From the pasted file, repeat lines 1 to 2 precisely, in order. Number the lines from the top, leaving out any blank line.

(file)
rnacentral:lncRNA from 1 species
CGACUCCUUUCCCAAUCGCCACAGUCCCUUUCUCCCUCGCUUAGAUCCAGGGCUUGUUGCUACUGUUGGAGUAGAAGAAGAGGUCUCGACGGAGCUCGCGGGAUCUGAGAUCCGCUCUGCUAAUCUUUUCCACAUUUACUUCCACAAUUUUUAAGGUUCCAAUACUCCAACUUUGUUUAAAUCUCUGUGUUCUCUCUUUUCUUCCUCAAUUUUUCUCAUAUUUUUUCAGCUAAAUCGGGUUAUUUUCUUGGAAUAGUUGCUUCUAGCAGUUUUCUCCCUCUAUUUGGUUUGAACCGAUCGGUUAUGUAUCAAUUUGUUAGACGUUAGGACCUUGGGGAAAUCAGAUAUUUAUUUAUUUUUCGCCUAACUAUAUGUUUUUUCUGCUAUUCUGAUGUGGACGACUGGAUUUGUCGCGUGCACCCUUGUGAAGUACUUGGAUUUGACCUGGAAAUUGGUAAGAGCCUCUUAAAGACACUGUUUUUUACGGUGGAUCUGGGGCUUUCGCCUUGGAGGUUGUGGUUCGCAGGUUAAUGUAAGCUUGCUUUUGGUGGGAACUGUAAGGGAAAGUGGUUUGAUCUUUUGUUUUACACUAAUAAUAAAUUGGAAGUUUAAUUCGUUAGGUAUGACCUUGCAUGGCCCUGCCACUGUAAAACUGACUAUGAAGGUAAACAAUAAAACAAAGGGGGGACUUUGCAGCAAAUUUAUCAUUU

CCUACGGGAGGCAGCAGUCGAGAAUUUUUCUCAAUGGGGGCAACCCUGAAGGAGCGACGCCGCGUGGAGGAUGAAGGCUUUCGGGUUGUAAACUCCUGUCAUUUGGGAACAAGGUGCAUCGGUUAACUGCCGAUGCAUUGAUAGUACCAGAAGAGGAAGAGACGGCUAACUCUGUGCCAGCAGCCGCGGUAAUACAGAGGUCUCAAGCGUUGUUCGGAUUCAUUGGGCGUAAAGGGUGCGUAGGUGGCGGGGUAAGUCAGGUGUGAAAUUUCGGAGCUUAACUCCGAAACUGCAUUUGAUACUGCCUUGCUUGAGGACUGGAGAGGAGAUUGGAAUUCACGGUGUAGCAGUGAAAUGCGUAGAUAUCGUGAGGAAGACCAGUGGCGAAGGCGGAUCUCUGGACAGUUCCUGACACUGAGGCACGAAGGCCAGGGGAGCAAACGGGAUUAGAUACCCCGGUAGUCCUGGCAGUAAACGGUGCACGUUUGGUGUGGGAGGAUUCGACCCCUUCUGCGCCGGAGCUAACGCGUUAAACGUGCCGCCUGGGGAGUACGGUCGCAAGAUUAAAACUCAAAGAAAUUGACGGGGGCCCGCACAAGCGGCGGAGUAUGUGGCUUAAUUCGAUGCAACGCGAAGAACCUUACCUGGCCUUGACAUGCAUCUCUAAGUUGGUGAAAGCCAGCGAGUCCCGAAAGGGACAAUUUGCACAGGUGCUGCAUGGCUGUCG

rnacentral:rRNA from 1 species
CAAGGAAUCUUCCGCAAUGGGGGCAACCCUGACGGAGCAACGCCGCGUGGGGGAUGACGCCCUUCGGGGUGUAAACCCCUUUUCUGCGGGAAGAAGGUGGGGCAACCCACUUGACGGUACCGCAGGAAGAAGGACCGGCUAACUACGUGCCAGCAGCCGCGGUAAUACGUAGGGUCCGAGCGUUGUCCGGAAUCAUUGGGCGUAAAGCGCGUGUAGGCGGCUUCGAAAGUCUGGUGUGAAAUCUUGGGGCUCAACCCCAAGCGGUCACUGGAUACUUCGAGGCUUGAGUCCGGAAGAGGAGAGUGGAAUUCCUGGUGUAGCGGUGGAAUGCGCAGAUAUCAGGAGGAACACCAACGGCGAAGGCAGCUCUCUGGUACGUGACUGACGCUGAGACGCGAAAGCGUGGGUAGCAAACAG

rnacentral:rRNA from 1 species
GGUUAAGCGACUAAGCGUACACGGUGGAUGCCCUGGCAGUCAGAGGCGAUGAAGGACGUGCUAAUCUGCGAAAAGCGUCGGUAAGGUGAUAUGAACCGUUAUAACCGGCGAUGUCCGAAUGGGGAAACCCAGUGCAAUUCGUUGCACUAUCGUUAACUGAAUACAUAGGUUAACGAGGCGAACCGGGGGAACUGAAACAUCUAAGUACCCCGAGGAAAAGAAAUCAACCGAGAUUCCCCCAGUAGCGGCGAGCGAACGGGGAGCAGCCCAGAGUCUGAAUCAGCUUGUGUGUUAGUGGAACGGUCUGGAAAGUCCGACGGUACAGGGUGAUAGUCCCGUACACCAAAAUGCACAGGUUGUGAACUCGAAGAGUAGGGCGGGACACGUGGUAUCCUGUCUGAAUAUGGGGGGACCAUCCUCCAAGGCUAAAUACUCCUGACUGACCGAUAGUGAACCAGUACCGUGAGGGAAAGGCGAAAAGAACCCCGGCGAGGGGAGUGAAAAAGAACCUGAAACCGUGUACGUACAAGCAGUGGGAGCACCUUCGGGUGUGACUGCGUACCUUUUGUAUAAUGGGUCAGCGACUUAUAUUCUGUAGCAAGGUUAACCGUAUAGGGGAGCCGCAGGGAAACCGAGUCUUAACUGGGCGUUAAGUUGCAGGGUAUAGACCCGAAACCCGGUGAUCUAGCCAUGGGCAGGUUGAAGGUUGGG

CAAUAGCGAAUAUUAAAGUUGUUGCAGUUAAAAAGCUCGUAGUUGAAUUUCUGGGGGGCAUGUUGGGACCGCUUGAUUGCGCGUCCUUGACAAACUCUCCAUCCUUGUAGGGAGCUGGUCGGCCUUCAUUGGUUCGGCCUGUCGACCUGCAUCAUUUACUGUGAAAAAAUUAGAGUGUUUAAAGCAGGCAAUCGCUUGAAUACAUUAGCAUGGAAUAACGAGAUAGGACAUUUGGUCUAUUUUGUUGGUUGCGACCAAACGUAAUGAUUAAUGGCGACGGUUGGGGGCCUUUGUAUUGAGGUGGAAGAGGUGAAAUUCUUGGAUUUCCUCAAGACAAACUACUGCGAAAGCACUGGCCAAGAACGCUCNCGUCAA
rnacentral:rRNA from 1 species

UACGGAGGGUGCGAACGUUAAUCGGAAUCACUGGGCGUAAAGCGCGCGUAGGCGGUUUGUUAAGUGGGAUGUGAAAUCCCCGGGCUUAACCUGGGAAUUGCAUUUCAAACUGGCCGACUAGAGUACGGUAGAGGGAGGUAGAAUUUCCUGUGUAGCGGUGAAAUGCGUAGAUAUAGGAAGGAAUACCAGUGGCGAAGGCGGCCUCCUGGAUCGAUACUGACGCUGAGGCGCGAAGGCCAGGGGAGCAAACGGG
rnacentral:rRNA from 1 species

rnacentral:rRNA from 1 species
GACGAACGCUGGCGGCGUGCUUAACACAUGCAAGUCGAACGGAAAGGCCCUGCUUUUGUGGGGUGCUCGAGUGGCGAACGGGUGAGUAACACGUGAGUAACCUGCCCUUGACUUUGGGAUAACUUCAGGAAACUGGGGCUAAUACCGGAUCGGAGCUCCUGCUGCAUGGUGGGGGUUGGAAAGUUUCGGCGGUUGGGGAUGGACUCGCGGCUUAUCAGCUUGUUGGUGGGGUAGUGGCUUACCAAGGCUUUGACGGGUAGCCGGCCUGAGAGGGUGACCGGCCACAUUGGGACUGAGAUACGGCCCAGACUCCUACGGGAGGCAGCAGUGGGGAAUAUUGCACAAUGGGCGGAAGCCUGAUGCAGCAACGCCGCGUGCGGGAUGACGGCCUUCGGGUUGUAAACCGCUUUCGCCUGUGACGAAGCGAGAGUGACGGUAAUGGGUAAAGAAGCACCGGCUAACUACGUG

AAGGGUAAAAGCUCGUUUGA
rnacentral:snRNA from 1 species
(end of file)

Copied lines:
rnacentral:lncRNA from 1 species
CGACUCCUUUCCCAAUCGCCACAGUCCCUUUCUCCCUCGCUUAGAUCCAGGGCUUGUUGCUACUGUUGGAGUAGAAGAAGAGGUCUCGACGGAGCUCGCGGGAUCUGAGAUCCGCUCUGCUAAUCUUUUCCACAUUUACUUCCACAAUUUUUAAGGUUCCAAUACUCCAACUUUGUUUAAAUCUCUGUGUUCUCUCUUUUCUUCCUCAAUUUUUCUCAUAUUUUUUCAGCUAAAUCGGGUUAUUUUCUUGGAAUAGUUGCUUCUAGCAGUUUUCUCCCUCUAUUUGGUUUGAACCGAUCGGUUAUGUAUCAAUUUGUUAGACGUUAGGACCUUGGGGAAAUCAGAUAUUUAUUUAUUUUUCGCCUAACUAUAUGUUUUUUCUGCUAUUCUGAUGUGGACGACUGGAUUUGUCGCGUGCACCCUUGUGAAGUACUUGGAUUUGACCUGGAAAUUGGUAAGAGCCUCUUAAAGACACUGUUUUUUACGGUGGAUCUGGGGCUUUCGCCUUGGAGGUUGUGGUUCGCAGGUUAAUGUAAGCUUGCUUUUGGUGGGAACUGUAAGGGAAAGUGGUUUGAUCUUUUGUUUUACACUAAUAAUAAAUUGGAAGUUUAAUUCGUUAGGUAUGACCUUGCAUGGCCCUGCCACUGUAAAACUGACUAUGAAGGUAAACAAUAAAACAAAGGGGGGACUUUGCAGCAAAUUUAUCAUUU